Entangled Ontologies, Decoloniality and Decolonization Virtual Symposium at Virginia Tech
Thursday, March 4, 2021
About the Symposium
What productive tensions and differences exist between ontological, epistemological, and material critiques of the (post)colonial? What possibilities are opened up when we place Decoloniality, as an onto-epistemological (and political) project, in conversation with Decolonization, as a reparative project? Collaborating scholars will explore these questions from Native American/Indigenous, Africanist, Third World Marxist, Quantum, Post-human and Political Ecological positions.
Sponsored by the VT Department of Political Science (Pol. Sci.), VT Institute for Policy and Governance (IPG), & Community Change Collaborative (CCC).
Zoom Registration: https://virginiatech.zoom.us/webinar/register/WN_Jh5TRNfsQjWMo9WQNqCiWQ
Questions about the Symposium? Email email@example.com
This event will have live closed captions for accessibility.
Featured Scholars and Symposium Collaborators
Norah Bowman (she/her), Ph.D. University of Alberta 2013, is a professor and the Chair of Interdisciplinary Studies at Okanagan College in Kelowna, British Columbia, Canada, on unceded Syilx territory. Her 2019 paper “Here/There/Everywhere: Quantum Models for Decolonizing Canadian State Onto-Epistemology” in Foundations of Science proposed a model for intervening in colonial state extractivism. Bowman’s 2019 co-authored book Amplify! Graphic Novels of Feminist Resistance, published by University of Toronto Press, introduces readers to intersectional feminist resistance movements around the world. Bowman’s recently completed book of anti-colonial feminist poetry will be published by Caitlin Press in 2021.
Ambient Violence, Visible Burdens: Complementary Onto-Epistemologies as Resistance to Colonial Toxic Damages
Canada’s global reputation as a peaceable nation is predicated on nationalist postures that ignore Canadian state violence against Indigenous Peoples. Thus, by its nature nearly invisible, by its toxic trail an evidentiary burden on survivors, and to legislators a problem of classification, the improper management and disposal of hazardous substances and waste is a particularly Canadian colonial violence. Yet Indigenous Peoples have the collective cultural knowledge to testify to the material damage done by toxins to human and other-than-human life. As confirmed by Baskat Tuncak, UN Special Rapporteur on Human Rights and Toxic Substances, this “invisible violence” is “disproportionately borne by Indigenous peoples in Canada” (SR 7). The effect of toxic violence is visible and invisible; it is material and immeasurable; it is collective and individual. Quantum social science models challenge classical epistemic structures to accept the complementarity of macro and micro phenomenon, and in this way, the burden of toxic substances on Indigenous Peoples can be best known and redressed by intervening in settler- colonial monadic materialism and taking up a relational, collective, quantum onto-epistemology.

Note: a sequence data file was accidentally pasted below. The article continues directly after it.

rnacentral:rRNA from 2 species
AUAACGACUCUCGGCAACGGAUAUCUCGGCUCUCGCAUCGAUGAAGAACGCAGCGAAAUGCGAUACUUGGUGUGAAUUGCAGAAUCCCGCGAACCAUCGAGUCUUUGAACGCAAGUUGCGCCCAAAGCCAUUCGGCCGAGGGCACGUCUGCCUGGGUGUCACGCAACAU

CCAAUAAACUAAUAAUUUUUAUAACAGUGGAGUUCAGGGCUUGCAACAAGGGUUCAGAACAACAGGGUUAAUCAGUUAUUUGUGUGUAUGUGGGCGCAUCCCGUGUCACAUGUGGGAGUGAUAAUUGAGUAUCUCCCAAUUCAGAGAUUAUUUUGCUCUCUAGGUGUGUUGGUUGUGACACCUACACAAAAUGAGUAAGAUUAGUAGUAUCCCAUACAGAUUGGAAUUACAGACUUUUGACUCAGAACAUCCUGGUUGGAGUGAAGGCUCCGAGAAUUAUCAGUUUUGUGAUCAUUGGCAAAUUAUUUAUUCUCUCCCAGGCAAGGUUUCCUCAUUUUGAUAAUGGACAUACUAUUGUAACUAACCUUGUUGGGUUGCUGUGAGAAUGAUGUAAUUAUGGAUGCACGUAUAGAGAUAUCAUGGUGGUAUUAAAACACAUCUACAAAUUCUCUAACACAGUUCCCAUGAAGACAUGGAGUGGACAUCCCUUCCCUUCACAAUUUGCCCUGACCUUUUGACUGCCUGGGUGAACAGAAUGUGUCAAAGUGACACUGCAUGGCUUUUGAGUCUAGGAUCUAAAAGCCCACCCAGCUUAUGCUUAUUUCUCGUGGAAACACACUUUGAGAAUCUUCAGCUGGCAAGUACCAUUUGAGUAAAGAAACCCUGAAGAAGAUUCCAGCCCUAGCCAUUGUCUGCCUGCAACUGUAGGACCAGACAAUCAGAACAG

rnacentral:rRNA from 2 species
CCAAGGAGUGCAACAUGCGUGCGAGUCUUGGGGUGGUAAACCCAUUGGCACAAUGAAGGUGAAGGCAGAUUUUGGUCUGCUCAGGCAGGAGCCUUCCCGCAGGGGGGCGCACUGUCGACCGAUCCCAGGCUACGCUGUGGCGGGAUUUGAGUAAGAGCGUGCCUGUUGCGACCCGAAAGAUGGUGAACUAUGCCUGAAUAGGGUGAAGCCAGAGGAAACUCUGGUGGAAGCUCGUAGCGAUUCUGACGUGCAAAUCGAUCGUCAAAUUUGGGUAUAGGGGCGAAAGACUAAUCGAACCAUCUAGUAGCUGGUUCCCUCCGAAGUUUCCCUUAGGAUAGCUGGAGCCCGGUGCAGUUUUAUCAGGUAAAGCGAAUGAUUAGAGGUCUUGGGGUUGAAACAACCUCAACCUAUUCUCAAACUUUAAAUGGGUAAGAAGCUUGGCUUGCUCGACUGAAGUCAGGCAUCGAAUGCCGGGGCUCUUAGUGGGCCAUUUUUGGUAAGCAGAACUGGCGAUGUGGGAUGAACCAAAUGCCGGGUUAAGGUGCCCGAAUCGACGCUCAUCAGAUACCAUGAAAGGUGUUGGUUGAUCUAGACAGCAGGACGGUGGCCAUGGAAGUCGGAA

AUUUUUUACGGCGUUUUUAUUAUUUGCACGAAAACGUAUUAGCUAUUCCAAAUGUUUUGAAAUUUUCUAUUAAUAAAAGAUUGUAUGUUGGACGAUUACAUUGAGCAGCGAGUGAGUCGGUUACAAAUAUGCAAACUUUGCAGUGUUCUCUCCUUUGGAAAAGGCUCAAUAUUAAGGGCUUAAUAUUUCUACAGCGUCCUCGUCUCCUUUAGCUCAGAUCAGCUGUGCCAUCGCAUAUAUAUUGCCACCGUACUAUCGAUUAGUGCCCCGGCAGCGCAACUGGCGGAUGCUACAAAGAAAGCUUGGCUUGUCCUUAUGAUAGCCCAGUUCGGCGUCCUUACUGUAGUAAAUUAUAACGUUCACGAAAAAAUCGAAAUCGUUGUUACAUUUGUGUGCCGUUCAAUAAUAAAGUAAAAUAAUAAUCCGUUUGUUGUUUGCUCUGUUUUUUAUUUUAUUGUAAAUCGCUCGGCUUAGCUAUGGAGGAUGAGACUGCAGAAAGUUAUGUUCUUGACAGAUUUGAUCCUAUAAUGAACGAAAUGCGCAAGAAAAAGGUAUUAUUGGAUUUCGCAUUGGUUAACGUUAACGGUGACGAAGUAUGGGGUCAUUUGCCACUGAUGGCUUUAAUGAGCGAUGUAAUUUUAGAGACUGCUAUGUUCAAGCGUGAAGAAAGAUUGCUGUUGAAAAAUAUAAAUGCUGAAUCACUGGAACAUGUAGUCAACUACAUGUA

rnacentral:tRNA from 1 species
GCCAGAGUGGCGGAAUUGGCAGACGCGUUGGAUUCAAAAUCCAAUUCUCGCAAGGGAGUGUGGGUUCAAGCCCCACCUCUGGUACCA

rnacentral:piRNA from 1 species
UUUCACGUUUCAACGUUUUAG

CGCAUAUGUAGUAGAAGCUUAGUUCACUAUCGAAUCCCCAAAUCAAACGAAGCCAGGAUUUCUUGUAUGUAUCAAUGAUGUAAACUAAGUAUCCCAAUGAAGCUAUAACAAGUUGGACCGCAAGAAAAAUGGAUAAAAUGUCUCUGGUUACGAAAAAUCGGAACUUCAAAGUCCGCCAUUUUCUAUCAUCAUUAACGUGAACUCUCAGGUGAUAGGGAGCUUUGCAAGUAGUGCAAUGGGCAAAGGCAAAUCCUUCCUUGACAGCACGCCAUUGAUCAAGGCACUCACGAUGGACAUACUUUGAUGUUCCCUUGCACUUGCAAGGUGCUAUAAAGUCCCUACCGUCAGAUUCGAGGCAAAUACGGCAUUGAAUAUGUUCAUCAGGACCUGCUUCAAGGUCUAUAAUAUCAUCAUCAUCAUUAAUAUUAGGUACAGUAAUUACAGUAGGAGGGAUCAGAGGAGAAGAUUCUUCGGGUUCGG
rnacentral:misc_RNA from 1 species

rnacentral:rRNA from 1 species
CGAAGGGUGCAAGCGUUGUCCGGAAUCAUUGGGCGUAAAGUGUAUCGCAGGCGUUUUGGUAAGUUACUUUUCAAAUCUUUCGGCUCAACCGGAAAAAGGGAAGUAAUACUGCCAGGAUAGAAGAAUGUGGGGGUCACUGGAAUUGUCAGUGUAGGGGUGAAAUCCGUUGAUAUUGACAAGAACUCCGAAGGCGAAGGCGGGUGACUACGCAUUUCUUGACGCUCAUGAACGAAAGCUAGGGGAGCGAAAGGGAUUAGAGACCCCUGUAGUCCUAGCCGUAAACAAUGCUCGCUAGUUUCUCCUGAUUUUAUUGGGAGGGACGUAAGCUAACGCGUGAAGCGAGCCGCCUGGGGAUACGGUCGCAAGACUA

Nadine is a Senior Lecturer in International Relations at the University of Groningen, the Netherlands (RUG). Her research revolves around understanding the global politics of health and disease from an interspecies perspective, particularly infectious diseases and antimicrobial resistance (AMR). From this perspective, health issues such as infectious diseases are not simply biomedical problems but result from socio-political interactions including conflict, (agri-) industrialization, urbanization, and modern lifestyles, which alter the human-animal-microbe relations, sometimes leading to pathogenesis. She runs the Politics and Ecologies of (Global) Health research unit at the RUG and is a board member of the Groningen Centre for Health and Humanities. Nadine has published in International Political Sociology, Security Dialogue, and elsewhere, and is a co-author of the book Critical Security Methods (Routledge).
Entangled Species: Reading the Covid-19 Pandemic through Ecosophical Eyes
This paper explores the contribution of an ethics of entangled bodies arising from ecosophical thought to interpreting and acting on the current global pandemic of Covid-19. The pandemic reveals to us how human bodies are deeply and irrevocably entangled with viruses and other non-human bodies, including animals such as bats and civet cats, on a global scale. Viral strains move biologically and socially within and across species connecting distant geographies, never entirely inhibited by technoscientific infection barriers and political borders. For virologists, the human-virus relationship is one of profound relationality; one cannot be thought of without the other. While a small number of pathogenic viruses have caused major human disasters throughout history, the majority of viruses are benign; some are even essential to human life.